Young people least concerned about COVID-19

A report from Angus Reid and Sid Lee shows how behaviour and the kinds of messages people listen to vary by age group.

Despite spiking to more than 6,300 cases nationally, only 28% of 18 to 24-year-old Canadians see COVID-19 as a serious risk to themselves and 15% as a risk to their friends.

That’s according to a new report from creative agency Sid Lee, which partnered with research firm Angus Reid, to survey 919 Canadians to better understand their behaviours and attitudes as they relate to the pandemic.

Concern about the pandemic seems to correlate with age: 56% of all Canadians see COVID-19 as a risk to themselves, but goes up to 76% by the time the survey results reach those over 65.

A lack of concern by younger people also seems to translates to lack of adaptation. The survey results show that 57% of those aged 18-24 have “frequently or occasionally had physical contact with others since March 13,” with only 23% believing that social distancing “is the only way we’ll beat this pandemic” (compared to 51% of all Canadians who said the same). The biggest barrier in changing the behaviour of young people, the results suggest, is the need for human interaction: 57% believe social distancing “needs to be balanced with a health social life,” 1.5 times the overall sentiment of all Canadians.

But the age group that claims it’s most concerned they or someone they know will contract COVID-19 (35 to 44 year-olds), is hardly playing by the rules either, with 40% frequently or occasionally having physical contact with others during that same timeframe (the most physical distance-compliant group, at 20%, is the 65-and-over set, which may not necessarily be by choice).

Matt Foulk, EVP of strategy at Sid Lee Toronto, says when the research was first commissioned in early March, it was the boomers who weren’t taking the pandemic seriously, but that sentiment moved to the 18-24 group by March 19. What both groups had in common was resistance to disrupting social routines: “It’s fascinating to see two groups unified by how blasé they both were about COVID-19.”

Foulk finds the younger set’s resistance towards social distancing is translating to shopping behaviour as well, as approximately 26% of the age group has not changed how often they shop for grocery, entertainment or household goods, compared with under 20% of all Canadians across each category.

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So why are younger people not getting the message? It could be because of a big divide in how demographics engage with media. According to the survey, younger demographics are putting greater trust in international health organizations than family and local government. This could lead to younger people seeing it as more of a “global” problem than something to deal with at home, or messages about to stop the spread – or the risk of young people spreading it to more vulnerable parts of the population – not being a part of the messages they are seeing.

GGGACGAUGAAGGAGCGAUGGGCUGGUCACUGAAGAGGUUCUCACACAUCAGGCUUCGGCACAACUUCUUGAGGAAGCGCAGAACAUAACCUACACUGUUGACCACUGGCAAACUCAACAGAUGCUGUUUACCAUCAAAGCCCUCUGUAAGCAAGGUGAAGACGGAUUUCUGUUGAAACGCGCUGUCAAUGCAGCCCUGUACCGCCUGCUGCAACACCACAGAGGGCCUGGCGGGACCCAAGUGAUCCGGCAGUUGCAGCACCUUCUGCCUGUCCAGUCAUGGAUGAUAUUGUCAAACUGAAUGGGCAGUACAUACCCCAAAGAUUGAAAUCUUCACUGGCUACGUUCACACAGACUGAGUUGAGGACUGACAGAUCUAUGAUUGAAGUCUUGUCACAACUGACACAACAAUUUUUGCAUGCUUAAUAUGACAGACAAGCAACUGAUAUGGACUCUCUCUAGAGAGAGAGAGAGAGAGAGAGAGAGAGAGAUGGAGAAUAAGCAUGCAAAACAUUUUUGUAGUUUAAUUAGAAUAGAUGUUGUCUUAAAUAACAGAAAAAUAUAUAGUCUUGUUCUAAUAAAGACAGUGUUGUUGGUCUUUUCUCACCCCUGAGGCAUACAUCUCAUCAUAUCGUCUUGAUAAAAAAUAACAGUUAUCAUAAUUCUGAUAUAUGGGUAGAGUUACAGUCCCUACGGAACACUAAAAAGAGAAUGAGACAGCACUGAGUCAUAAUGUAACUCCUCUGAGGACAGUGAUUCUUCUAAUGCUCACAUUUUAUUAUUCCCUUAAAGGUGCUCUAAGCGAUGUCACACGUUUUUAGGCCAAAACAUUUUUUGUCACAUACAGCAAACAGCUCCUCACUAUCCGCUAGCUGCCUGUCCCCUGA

Foulk says that this more global outlook could be a proxy for large international brand trust as well, but more studies are required to see if this is borne out. In the meantime, when communicating persuasively with the younger set, Foulk says, these messages have to come from the top, global stars, global organizations and global brands rather than smaller or grassroots sources, he says.

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Attitude also has a role in how seriously Canadians are taking the pandemic. Among the two-thirds of Canadians who believe they “know more than the average person” about how to behave during the pandemic, 35% said social distancing needs to be balanced with a social life. Among the roughly one-third that believe they know an average amount, that number jumps to 49%.

When it comes to geographic breakdown, Quebecers, by contrast, trust local government more. According to the numbers, 51% of people from Quebec trust their local government for COVID-19 advice vs 31% of people from the rest of Canada. As numbers in Ontario continue to climb, this could change. Quebeckers are also taking COVID-19 risks more seriously on average than the rest of the country (65% vs 54%).